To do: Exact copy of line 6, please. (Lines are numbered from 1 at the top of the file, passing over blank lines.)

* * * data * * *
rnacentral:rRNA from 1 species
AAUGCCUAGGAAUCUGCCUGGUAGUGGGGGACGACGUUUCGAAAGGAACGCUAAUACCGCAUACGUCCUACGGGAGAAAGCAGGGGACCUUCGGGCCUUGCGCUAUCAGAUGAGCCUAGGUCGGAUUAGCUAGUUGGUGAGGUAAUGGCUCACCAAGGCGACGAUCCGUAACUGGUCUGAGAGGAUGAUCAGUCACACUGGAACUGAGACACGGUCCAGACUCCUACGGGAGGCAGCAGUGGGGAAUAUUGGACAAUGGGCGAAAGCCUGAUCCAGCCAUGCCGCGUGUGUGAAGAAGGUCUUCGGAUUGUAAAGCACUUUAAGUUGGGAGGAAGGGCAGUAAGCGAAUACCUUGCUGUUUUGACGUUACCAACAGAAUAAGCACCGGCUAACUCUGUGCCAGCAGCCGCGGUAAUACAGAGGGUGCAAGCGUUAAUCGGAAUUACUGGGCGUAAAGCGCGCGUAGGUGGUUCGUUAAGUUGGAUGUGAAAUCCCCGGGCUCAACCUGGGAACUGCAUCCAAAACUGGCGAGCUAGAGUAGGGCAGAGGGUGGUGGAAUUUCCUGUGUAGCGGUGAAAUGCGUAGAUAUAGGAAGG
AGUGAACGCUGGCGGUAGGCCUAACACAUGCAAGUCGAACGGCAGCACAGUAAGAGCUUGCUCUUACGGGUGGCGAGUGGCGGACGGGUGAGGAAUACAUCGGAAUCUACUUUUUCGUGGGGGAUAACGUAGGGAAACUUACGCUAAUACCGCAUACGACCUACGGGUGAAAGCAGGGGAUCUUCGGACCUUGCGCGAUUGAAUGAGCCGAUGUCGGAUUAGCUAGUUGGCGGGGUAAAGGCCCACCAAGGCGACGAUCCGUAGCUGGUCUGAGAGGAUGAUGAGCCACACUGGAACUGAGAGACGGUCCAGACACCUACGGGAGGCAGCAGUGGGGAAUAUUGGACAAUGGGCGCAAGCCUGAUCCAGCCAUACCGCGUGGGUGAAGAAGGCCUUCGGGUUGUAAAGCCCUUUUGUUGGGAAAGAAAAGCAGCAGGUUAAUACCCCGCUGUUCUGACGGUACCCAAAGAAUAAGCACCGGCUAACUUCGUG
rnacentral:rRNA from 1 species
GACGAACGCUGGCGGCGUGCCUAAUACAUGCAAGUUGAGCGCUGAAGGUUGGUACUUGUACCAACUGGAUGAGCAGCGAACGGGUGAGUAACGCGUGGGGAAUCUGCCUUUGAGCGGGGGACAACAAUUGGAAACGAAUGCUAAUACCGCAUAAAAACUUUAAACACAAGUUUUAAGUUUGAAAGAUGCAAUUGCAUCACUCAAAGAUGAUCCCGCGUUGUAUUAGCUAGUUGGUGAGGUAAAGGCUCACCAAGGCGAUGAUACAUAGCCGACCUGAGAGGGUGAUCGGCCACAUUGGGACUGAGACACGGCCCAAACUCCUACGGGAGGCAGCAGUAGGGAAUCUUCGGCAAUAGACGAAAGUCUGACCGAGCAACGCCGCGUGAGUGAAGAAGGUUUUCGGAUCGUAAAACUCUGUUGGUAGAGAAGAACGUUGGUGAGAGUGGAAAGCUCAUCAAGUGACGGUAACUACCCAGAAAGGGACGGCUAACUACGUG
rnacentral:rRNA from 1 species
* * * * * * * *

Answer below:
rnacentral:rRNA from 1 species